• Looks Good Enough to Eat: Is Food Art?

    Patricia Belton Oliver, Ph.D., Dean, College of Architecture

    Modern cuisine’s range of culinary skill, invention, and interpretation is fascinating. Increasingly experimental and daring, foodies rush to the latest craze in haute cuisine in much the same way that art lovers make the rounds of contemporary galleries. Madeleine Gryznaztejn, director of the Museum of Contemporary Art in Chicago says, “Food is not art. It can be artistic, however, by which I mean that it can be beautiful, touch you deeply through your senses, and move you emotionally, much as a wonderful work of art can.” Is food meant to simply be eaten? Or can it also be art?

  • All Engagement, Foreign and Domestic

    Ambassador Michael Pelletier (retired), Executive Director, Institute for Global Engagement

    The oath of office for government positions includes a pledge to support and defend the Constitution of the United States against all enemies, foreign and domestic. In recent years, we have seen increasingly complicated challenges to our country from sources both foreign and domestic, and we have seen ongoing debates over whether the best course of action is to focus domestically or engage globally. Do we follow the path of Brexit, trying to disentangle from international partnerships, or do we work together in partnership? Should we prioritize working at a global level to resolve challenges like pandemics and climate change, or should we focus on what we can do locally and domestically? Or, do we in fact best advance our domestic and international policy goals and strengthen our country and its foreign policy best by improving our domestic situation – politically, economically, socially?

  • Is Resistance Futile? How to Welcome Our AI Overlords

    Dan Price, Ph.D., Director of the Community Health Worker Initiative, The Honors College

    Artificial intelligence is both a promise and a threat. The new advances in artificial intelligence have been in two directions: improving process control (including population surveillance) and imitating human creativity. What can a university do to mitigate the threat while encouraging the promise that AI offers? Can a humanities approach to intelligence save the day?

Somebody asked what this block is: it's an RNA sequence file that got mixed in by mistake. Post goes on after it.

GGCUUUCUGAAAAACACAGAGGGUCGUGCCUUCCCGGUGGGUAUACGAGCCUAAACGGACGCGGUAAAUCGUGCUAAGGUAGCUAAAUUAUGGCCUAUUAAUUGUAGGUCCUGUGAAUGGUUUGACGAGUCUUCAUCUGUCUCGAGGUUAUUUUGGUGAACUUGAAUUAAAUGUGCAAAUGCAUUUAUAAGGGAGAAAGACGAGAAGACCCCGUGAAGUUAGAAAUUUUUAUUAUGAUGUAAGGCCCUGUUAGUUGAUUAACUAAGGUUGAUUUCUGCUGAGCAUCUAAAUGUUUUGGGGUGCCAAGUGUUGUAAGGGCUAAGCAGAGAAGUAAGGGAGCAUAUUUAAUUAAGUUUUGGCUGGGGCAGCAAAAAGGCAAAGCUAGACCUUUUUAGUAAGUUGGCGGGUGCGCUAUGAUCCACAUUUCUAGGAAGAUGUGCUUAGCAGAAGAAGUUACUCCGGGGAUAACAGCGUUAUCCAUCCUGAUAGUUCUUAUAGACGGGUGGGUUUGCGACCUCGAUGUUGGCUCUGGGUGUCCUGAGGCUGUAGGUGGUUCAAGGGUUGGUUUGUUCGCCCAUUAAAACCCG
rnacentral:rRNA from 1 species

• The War in Ukraine

    David Rainbow, Ph.D., Faculty, The Honors College

    Come discuss the war in Ukraine, how it started, and what it means for the future of Europe and the world.

  • Cardboard Gods: Baseball Trading Cards and Their Meaning Beyond Sports

    Ben Rayder, Ph.D., Director of the Office of Undergraduate Research and Major Awards, The Honors College

    Originally included as a marketing gimmick in cigarette packages, the baseball trading card business has evolved into a multi-billion dollar industry with no shortage of scandals and intrigue. For many, though, baseball cards symbolize heroes, memories, and dreams. This table will examine the personal stories of collecting baseball cards. Each guest will receive their own pack of 2022 Topps baseball cards to open, assess, discuss, and trade with others.

  • Focus in the Age of...SQUIRREL!

    Max Rayneard, Ph.D., Faculty, The Honors College

    Let's face it. We live in an age awash with shiny, glossy stimuli. With our eyes perpetually on screens and sophisticated multiplatform marketing strategies competing for eyeballs and clicks, it's no wonder attention spans are shortening and... Where were we? Oh yes. Ours will be a conversation not so much about the psychological or physiological reasons attentions spans vary, as it will be about the cultural phenomena associated with our "Age of Distraction". How have distractions and distractibility reshaped our culture, society, and habits? We'll discuss the obvious and subtle changes and think about their negative and positive implications. Let's see how long we manage to stay on topic.